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Pope Francis has appointed the first “pontifical resident representative” in Vietnam, in the person of Archbishop Marek Zalewski, the Holy See Press Office announced on December 23, 2023. This step forward in relations between Rome and Hanoi, although not yet official diplomatic relations, was announced last July.
Bishop Zalewski, 60, is a Polish national. He has been Apostolic Nuncio to Singapore since 2018. Until now, he has also been the non-resident pontifical representative in Vietnam, where his visits have been temporary.
On the occasion of the visit of the President of the Socialist Republic of Vietnam, Vo Van Thuong, to the Vatican on July 27, 2023, the two parties reached an “Agreement on the Status of the Resident Papal Representative” and his office in Vietnam.
The joint communiqué did not, however, speak of an “apostolic nuncio,” nor did it announce the establishment of formal diplomatic relations – broken off in 1975 – although contacts are regular.
“The representative will be a bridge to advance relations between Vietnam and the Holy See,” the statement said. The text specified that his role would also be to support Catholics in respecting “the spirit of the law” so that, inspired “by the magisterium of the Church,” they can fulfill their vocation “to accompany the nation” and “to be good Catholics and good citizens,” to “contribute to the development of the country.”
Following this announcement, last September Pope Francis sent a letter “to the Catholic community of Vietnam,” welcoming the recent improvement in relations between the Holy See and the government. The country’s Catholic faithful, the Pontiff assured in his letter, can fully realize their identity by being “good Christians and good citizens.”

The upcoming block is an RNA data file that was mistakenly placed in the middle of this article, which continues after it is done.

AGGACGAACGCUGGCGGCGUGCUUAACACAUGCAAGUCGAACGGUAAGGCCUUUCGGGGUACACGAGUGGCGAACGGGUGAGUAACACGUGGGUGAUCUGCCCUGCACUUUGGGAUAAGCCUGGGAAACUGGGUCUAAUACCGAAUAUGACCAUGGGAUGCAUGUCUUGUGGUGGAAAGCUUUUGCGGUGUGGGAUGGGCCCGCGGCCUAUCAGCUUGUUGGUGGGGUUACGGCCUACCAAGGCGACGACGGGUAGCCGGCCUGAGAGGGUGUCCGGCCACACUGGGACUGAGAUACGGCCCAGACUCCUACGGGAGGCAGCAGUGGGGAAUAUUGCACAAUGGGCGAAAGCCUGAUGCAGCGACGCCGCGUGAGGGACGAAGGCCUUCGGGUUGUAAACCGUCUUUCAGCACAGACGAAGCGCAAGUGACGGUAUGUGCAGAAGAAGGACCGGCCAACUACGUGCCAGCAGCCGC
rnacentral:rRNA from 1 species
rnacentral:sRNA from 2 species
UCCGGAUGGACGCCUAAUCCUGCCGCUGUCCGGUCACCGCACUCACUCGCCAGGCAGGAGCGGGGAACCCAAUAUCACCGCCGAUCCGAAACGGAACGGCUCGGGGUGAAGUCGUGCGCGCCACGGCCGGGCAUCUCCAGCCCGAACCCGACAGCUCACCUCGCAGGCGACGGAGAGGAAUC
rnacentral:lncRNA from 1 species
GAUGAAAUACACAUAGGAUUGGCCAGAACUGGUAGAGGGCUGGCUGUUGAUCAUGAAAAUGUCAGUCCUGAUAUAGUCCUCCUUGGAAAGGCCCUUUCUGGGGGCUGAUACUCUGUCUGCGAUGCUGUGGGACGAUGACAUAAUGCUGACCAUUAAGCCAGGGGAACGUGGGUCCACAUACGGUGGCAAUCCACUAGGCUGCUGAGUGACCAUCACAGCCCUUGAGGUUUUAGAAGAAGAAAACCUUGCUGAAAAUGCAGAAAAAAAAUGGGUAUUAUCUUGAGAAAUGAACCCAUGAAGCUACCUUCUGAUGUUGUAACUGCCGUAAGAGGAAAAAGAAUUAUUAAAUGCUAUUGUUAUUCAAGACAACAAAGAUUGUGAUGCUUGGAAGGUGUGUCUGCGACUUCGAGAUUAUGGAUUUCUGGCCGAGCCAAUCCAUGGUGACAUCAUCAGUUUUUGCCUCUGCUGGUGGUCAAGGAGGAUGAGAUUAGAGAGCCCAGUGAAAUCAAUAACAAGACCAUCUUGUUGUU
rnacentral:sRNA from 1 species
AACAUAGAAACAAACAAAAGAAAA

A significant step forward
The appointment of a resident representative marks a significant breakthrough in relations between the Holy See and Vietnam, a country with a Communist regime that had exercised severe repression of Church activities after the takeover of Saigon in 1975. Since the 1990s, following the fall of the Communist regimes in Europe, the Vietnamese government has softened its stance, and contacts with the Holy See have been relaunched, notably through the establishment of a Joint Working Group.
Without establishing formal diplomatic relations, agreements have been reached between Vietnam and the Holy See to ensure the continuity of the episcopal hierarchy and revive the activities of the local Catholic Church, which has seen a spectacular rebound in priestly and religious vocations since the early 2000s.
One of the main architects of this rapprochement is the Holy See’s current Secretary of State, Cardinal Pietro Parolin, who worked with the Vietnamese authorities as Under-Secretary for Relations with States between 2002 and 2009. The ties he forged during this time earned him a visit from a Vietnamese delegation at the consistory of February 22, 2014, during which he was made cardinal. The delegation included a former president, who was not officially accredited to the Holy See.
Opening the way to a papal visit
Vietnam, which has a small but fervent Catholic community of around 7% of its population of 104 million, has never received a visit from a pope.
In a letter reported by Asia News on December 15, President Vo Van Thuon officially invited the pontiff to visit his country.
On the return flight from his August 31-September 4 trip to Mongolia, after having celebrated mass before a large delegation of Vietnamese Catholics, Francis had said that there would “surely” be a trip to Vietnam in the years to come, but that it would probably be made by “John XXIV” – the name he jokingly attributes to his successor.